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The Payoff for Speaking Up About Not Having Kids

A Personal Perspective: The power of connecting with other non-parents.

Key points

  • When childless people stay silent about not having kids, we miss out on the power of true belonging.
  • Key to better understanding of our own and others' situations is listening well and, when ready, being frank.
  • Elder childless and childfree people agree: It's important to build connections as soon as possible.
Calvin Hanson/Unsplash
Calvin Hanson/Unsplash

We need to talk.

Talking frankly and openly with others who don’t have kids is crucial to living a full life as a non-parent. When we choose to connect with others like ourselves, we transcend our individual origin stories and can mine the life experiences we share.

Not including our experiences of non-parenthood leaves us misunderstood, marginalized, and often silent. We also limit our access to practical life lessons from others like us. Being a non-mom or -dad has ramifications for almost every aspect of adult life.

There’s juicy and challenging stuff here, like how family-of-origin dynamics and friendships change with the addition of each child. At work, non-parents are frequently asked to adjust work hours to accommodate parental pressures. How we consider end-of-life planning differs from that of those with kids.


Having children is a cultural expectation and often a gateway to flowing with the mainstream. When you don’t have kids, it can sometimes be tough to feel like you belong. We’re often seen as not quite right in the eyes of others.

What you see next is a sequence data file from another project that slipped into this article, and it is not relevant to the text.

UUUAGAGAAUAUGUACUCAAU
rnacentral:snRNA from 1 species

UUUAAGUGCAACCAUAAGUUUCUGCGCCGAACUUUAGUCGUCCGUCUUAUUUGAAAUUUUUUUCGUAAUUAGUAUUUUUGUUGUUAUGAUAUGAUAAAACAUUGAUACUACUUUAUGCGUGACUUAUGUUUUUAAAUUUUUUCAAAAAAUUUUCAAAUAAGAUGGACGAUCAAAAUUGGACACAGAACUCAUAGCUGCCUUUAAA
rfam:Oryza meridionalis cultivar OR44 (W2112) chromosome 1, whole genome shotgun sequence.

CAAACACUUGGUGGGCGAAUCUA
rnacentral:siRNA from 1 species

Mindfully choosing when and how to integrate our non-parenthood is key to inclusion and belonging. “We need others,” writes cultural psychologist Marianna Pogosayan, “for completing the patchwork of our identities, with our singular traits and those that we share with kindred and friends. For the safety they give us to pursue our goals. For the effect and meaning they breathe into our lives.”

Take this advice from an international group of elder women who gather around a virtual campfire every quarter: Find others who don’t have children and swap stories, challenges, and opportunities.

At these “Fireside Wisdom Chats,” hosted by Jody Day, it seems to be unanimous that the single most important way to become our true selves is to talk frankly with other non-parents. Just like moms congregate to swap strategies for dealing with raising children, those of us without kids benefit from sharing how we cope, grow, and thrive.

Giorgio Trovato/Unsplash
Giorgio Trovato/Unsplash

Heck, you don’t even need to talk; just listen to what others have to say. Today there are many podcasts, webinars, and social media communities that focus on childless/childfree concerns. In-person options include Meetup groups, pop-up book groups, and weekend retreats.

The Payoff

The payoff is simple and powerful. When we include our unique perspective, we take our place in the world as fully functional adults living perfectly normal lives. We increase the odds that we’ll encounter others similarly situated and can access their input, wisdom, and strategies for better-integrated lives.

We become more comfortable in our own skin and unlock the power of true belonging.

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